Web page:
CLSI Publishes Revised AST Breakpoints Document - CLSI

Wayne, Pennsylvania, USA — To improve detection and reporting of antimicrobial resistance, the Clinical and Laboratory Standards Institute (CLSI) has published a revised edition of its annual supplement providing revised breakpoints, new testing recommendations, and reporting changes needed to incorporate into routine practice.

The document, titled Performance Standards for Antimicrobial Susceptibility Testing (M100, 27th ed.) (http://shop.clsi.org/microbiology-documents/M100-S27.html), provides updated tables for the CLSI antimicrobial susceptibility testing (AST) standards Performance Standards for Antimicrobial Disk Susceptibility Tests (M02-Ed12), Methods for Dilution Antimicrobial Susceptibility Tests for Bacteria That Grow Aerobically (M07-Ed10), and Methods for Antimicrobial Susceptibility Testing of Anaerobic Bacteria (M11-Ed8). Clinicians rely on information from the microbiology laboratory to treat their patients. Due to the importance of AST results, these tests need to be performed under optimal conditions and laboratories must be capable of providing results for the newest antimicrobial agents. Using procedures standardized in M02, M07, and M11, M100 includes the essential data for drug selection, interpretation, and QC needed for clinical practice.

“The most recent edition of M100 includes multiple updates that clarify AST recommendations, but three new recommendations are really critical for detecting resistance in two of the Centers for Disease Control and Prevention’s urgent antibiotic resistance threats: carbapenemase-producing Enterobacteriaceae and drug-resistant Neisseria gonorrhoeae,” states Dr. Jean B. Patel, PhD, D(ABMM), Centers for Disease Control and Prevention, Atlanta, Georgia, USA and Chairholder of the Subcommittee on Antimicrobial Susceptibility Testing,. “Specifically, the following information was added:

  • A colistin epidemiological cutoff value (ECV) for species of Enterobacteriaceae. This will help laboratories identify new types of colistin resistance, such as the plasmid-mediated mcr-1 mechanism. Early recognition improves the ability to prevent infections that may be nearly impossible to treat.
  • A carbapenemase detection test called the modified carbapenem inactivation method (mCIM), which has improved sensitivity for detecting OXA-type carbapenemases compared to other tests, without sacrificing specificity. Laboratories need a reliable carbapenemase detection test to identify when enhanced infection control measures may be needed to prevent the spread of resistant infections. The mCIM is easy to perform and inexpensive.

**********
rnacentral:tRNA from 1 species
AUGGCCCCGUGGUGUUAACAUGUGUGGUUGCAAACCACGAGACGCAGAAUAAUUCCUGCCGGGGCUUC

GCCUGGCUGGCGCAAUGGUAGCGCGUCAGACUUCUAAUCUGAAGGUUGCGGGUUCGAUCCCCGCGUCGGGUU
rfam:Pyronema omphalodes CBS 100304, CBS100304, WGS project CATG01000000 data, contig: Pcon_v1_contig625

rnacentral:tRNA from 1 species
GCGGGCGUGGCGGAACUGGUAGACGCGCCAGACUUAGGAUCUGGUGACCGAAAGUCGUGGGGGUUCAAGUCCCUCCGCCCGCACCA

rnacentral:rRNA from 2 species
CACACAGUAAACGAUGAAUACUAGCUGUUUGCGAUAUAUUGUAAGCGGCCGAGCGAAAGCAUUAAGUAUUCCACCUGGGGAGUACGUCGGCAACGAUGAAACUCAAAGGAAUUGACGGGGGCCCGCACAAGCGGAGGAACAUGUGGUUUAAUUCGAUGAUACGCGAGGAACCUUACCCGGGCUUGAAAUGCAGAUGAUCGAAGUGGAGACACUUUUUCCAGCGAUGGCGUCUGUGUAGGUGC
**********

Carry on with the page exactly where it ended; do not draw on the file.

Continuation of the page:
• An azithromycin ECV for N. gonorrhoeae. This value allows for detection of azithromycin resistance mechanisms and, in turn, continual development of effective treatment recommendations. Fast and effective treatment is the best way to stop an infection from spreading.”

Major changes to this edition of M100 include the following:

  • Results reporting definitions were revised to harmonize with the CLSI library of susceptibility testing documents.
  • Colistin minimal inhibitory concentration breakpoints were revised for Pseudomonas aeruginosa.
  • Telavancin disk diffusion breakpoints were deleted from multiple tables.
  • ECVs were added for azithromycin and N. gonorrhoeae.
  • ECVs were added for colistin and Enterobacter aerogenes, Enterobacter cloacae, Escherichia coli, Klebsiella pneumoniae, and Raoultella ornithinolytica.
  • The mCIM was added for suspected carbapenemase production in Enterobacteriaceae.

QC ranges were added and/or changed for the following drugs and organisms:

  • Cefepime (P. aeruginosa)
  • Cefepime-tazobactam (1:1) (E. coli, Staphylococcus aureus, P. aeruginosa, K. pneumoniae)
  • Gepotidacin (N. gonorrhoeae)
  • Meropenem (E. coli, P. aeruginosa)
  • Meropenem-vaborbactam (E. coli, S. aureus, P. aeruginosa, K. pneumoniae)
  • Nafithromycin (S. aureus, Haemophilus influenzae, Streptococcus pneumoniae, Enterococcus faecalis)
  • Pexiganan (S. aureus, E. faecalis, E. coli, P. aeruginosa, H. influenzae, S. pneumoniae)
  • Tedizolid (S. aureus)

For more information about M100, contact Patrick McGinn at pmcginn@clsi.org or +1.484.588.5933.

CLSI sets the standard for quality in medical laboratory testing. A not-for-profit membership organization, CLSI brings together the global laboratory community for the advancement of a common cause: to foster excellence in laboratory medicine.

For nearly 50 years, our members, volunteers, and customers have made CLSI a respected, transformative leader in the development and implementation of medical laboratory testing standards. Through our unified efforts, we will continue to set and uphold the standards that drive quality test results, enhance patient care delivery, and improve health care around the world.

By using CLSI standards, laboratorians can improve process quality, speed the development of standard operating procedures, and implement safer practices with greater ease and efficiency.